Is Microsoft Firefox's last, great hope?

By Preston Gralla

Mozilla has faced considerable criticism for its decision to release a customized version of Firefox in which the default search engine and home page is Microsoft's Bing. But if Mozilla is going to survive, that's exactly what it needs to do, because with declining market share and a potential rift with Google, Microsoft may be Mozilla's last, best hope.

The version of Firefox, called Firefox with Bing is based on Firefox 7.1. Neither Microsoft nor Mozillas is commenting on the financial terms of the deal, but you can be sure that Microsoft is paying Mozilla a pretty penny.

The non-profit Mozilla Foundation receives almost all of its revenue from contracts with search providers --- 98% of all of its revenue in 2010 came that way, according to Computerworld. And most of that money comes from Google. Computerworld says that in 2008, 88% of search provider revenue for Mozilla came from Google.

That heavy reliance on Google represents a serious problem for Mozilla, potentially a near-fatal one. Mozilla's three-year contract with Google expires next month. Given that Google competes against Firefox with its Chrome browser, the renewal of that contract is not a sure thing. And even if it does get renewed, Google will likely play hardball on the financial terms.

Google needs Firefox less than ever before, because Chrome is fast gaining on Firefox, and it's only a matter of time before it becomes the world's number two browser. Back in September, 2010, Firefox's market share was 23.69%, and Chrome's was 8.24% according to Net Applications. By September of 2011, Firefox's market share had dipped to 22.48%, and Chrome's had jumped to 16.2%, says Net Applications.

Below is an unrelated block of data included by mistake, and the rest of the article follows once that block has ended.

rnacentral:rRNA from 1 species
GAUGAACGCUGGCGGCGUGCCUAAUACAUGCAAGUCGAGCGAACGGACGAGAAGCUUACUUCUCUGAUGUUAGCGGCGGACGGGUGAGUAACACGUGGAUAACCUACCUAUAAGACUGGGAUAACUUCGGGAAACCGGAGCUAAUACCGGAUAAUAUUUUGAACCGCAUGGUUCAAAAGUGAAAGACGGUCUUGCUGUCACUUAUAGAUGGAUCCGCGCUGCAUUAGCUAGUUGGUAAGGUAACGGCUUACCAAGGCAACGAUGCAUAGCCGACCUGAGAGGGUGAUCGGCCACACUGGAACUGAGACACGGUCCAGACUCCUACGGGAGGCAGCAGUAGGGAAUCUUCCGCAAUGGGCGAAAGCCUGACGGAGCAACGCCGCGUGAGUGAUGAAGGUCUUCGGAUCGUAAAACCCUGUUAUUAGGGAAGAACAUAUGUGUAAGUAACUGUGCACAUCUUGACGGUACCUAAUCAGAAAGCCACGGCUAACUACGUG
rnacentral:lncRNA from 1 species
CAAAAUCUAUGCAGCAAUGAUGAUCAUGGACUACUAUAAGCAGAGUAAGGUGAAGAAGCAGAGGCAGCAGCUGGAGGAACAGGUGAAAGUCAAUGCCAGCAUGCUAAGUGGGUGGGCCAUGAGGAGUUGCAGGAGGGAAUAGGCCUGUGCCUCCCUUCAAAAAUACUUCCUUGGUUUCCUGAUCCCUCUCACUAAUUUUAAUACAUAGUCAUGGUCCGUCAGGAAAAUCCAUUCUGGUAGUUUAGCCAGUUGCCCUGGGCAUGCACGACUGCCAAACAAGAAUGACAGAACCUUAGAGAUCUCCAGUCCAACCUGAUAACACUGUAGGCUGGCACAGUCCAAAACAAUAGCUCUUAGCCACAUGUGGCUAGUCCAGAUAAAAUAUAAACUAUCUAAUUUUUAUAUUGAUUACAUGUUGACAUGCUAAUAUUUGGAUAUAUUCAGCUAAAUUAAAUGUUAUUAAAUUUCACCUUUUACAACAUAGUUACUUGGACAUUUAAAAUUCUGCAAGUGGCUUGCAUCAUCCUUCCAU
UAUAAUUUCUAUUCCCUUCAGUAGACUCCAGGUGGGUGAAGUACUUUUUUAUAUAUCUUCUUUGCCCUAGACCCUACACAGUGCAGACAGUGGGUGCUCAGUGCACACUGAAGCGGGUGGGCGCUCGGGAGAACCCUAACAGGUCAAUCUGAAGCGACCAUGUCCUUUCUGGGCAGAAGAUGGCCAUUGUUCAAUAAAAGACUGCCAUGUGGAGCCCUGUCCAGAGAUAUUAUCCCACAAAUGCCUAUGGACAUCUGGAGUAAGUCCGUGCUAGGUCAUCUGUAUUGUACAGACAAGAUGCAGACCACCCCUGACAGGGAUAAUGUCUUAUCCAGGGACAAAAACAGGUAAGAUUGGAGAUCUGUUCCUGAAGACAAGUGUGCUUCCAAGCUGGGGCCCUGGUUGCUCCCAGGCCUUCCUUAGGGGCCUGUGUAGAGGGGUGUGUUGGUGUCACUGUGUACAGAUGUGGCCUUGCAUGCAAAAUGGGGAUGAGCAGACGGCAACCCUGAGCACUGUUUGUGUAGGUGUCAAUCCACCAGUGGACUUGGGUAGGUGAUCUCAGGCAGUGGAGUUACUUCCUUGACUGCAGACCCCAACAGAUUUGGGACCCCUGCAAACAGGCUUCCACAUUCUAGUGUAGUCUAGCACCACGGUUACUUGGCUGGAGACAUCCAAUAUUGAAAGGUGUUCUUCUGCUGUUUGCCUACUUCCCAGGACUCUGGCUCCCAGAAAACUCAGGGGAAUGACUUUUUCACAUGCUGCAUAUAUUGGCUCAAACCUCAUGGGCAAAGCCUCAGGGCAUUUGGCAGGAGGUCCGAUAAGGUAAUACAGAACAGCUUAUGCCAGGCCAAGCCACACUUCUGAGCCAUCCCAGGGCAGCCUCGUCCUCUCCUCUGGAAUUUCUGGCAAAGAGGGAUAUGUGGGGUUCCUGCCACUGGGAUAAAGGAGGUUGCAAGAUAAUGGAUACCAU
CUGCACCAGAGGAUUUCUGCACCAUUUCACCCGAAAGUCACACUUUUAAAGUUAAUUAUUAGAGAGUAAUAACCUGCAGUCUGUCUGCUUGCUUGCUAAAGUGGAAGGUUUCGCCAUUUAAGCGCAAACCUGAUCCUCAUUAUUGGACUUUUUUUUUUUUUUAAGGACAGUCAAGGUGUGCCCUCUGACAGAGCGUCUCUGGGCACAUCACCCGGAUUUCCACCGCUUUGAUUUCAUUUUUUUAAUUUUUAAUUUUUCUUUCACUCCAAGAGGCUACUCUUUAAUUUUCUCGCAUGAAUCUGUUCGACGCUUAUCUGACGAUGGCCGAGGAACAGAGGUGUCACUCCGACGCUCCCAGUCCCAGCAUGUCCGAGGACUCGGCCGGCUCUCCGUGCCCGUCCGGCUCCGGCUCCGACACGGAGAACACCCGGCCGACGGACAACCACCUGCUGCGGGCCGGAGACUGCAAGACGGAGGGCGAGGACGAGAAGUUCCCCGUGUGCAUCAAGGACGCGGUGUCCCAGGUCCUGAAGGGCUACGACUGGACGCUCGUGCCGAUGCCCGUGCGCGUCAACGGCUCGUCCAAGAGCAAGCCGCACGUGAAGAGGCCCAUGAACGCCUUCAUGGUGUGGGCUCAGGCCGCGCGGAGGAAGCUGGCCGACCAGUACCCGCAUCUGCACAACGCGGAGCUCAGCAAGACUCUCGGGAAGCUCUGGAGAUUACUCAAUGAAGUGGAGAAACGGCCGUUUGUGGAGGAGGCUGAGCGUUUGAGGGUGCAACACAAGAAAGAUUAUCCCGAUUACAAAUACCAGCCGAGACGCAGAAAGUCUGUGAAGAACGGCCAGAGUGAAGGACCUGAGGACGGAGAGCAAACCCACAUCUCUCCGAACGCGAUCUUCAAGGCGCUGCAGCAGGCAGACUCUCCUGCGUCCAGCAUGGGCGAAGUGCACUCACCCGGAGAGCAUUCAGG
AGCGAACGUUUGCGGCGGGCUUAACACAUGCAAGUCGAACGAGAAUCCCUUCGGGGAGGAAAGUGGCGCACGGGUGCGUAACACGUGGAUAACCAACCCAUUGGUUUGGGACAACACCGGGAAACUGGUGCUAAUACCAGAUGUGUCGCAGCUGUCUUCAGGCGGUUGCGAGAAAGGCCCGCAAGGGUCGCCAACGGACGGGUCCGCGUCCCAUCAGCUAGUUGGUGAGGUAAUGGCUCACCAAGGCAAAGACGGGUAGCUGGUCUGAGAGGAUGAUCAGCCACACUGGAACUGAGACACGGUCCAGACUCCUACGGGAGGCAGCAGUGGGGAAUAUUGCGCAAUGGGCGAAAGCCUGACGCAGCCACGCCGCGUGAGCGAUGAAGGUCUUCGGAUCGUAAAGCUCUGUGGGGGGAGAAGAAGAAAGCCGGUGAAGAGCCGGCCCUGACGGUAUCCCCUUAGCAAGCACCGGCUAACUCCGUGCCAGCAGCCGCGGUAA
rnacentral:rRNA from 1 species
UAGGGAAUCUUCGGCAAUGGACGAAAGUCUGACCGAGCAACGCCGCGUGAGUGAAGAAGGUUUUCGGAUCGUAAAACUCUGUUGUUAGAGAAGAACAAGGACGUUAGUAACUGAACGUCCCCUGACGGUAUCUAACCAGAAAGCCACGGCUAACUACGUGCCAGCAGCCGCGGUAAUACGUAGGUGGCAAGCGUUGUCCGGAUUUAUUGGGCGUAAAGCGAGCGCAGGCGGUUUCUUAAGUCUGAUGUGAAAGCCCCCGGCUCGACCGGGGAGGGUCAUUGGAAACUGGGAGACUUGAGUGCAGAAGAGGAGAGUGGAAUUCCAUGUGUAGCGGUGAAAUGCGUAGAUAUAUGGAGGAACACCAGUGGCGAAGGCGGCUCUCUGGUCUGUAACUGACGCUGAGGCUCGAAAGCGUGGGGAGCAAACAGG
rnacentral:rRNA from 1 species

There are even worse problems for Firefox ahead, having to do with mobile. Google's Chrome-like browser is the default for Android phones, Apple's Safari is the default for iOS devices, and Internet Explorer is the default for Windows Phone 7. Few people bother to download an alternative browser on their mobile devices, which leaves Firefox out in the cold for the next great wave of browser growth.

So where does this leave Firefox? Between the proverbial rock and a hard place. This deal with Microsoft was the right move for Mozilla. It'll likely lead to a solid revenue stream. And it may give Mozilla some leverage in the contract renewal talk with Google. So Mozilla deserves no criticism --- it was only doing what it needs in order to try and keep Firefox a popular browser.

Copyright © 2011 IDG Communications, Inc.

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